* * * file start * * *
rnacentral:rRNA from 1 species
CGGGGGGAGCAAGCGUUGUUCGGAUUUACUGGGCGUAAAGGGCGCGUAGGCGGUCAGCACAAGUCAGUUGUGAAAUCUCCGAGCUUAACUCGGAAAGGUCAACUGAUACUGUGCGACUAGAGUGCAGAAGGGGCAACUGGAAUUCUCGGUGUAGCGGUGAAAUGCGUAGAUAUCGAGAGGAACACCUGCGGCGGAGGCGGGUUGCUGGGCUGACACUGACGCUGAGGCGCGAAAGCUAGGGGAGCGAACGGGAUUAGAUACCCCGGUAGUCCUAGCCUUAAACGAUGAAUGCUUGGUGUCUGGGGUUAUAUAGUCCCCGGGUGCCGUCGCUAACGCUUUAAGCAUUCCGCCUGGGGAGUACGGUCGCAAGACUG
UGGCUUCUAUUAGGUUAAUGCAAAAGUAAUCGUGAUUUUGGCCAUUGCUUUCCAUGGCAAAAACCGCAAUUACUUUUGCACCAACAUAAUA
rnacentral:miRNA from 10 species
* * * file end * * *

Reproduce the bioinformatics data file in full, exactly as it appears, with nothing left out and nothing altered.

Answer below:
rnacentral:rRNA from 1 species
CGGGGGGAGCAAGCGUUGUUCGGAUUUACUGGGCGUAAAGGGCGCGUAGGCGGUCAGCACAAGUCAGUUGUGAAAUCUCCGAGCUUAACUCGGAAAGGUCAACUGAUACUGUGCGACUAGAGUGCAGAAGGGGCAACUGGAAUUCUCGGUGUAGCGGUGAAAUGCGUAGAUAUCGAGAGGAACACCUGCGGCGGAGGCGGGUUGCUGGGCUGACACUGACGCUGAGGCGCGAAAGCUAGGGGAGCGAACGGGAUUAGAUACCCCGGUAGUCCUAGCCUUAAACGAUGAAUGCUUGGUGUCUGGGGUUAUAUAGUCCCCGGGUGCCGUCGCUAACGCUUUAAGCAUUCCGCCUGGGGAGUACGGUCGCAAGACUG
UGGCUUCUAUUAGGUUAAUGCAAAAGUAAUCGUGAUUUUGGCCAUUGCUUUCCAUGGCAAAAACCGCAAUUACUUUUGCACCAACAUAAUA
rnacentral:miRNA from 10 species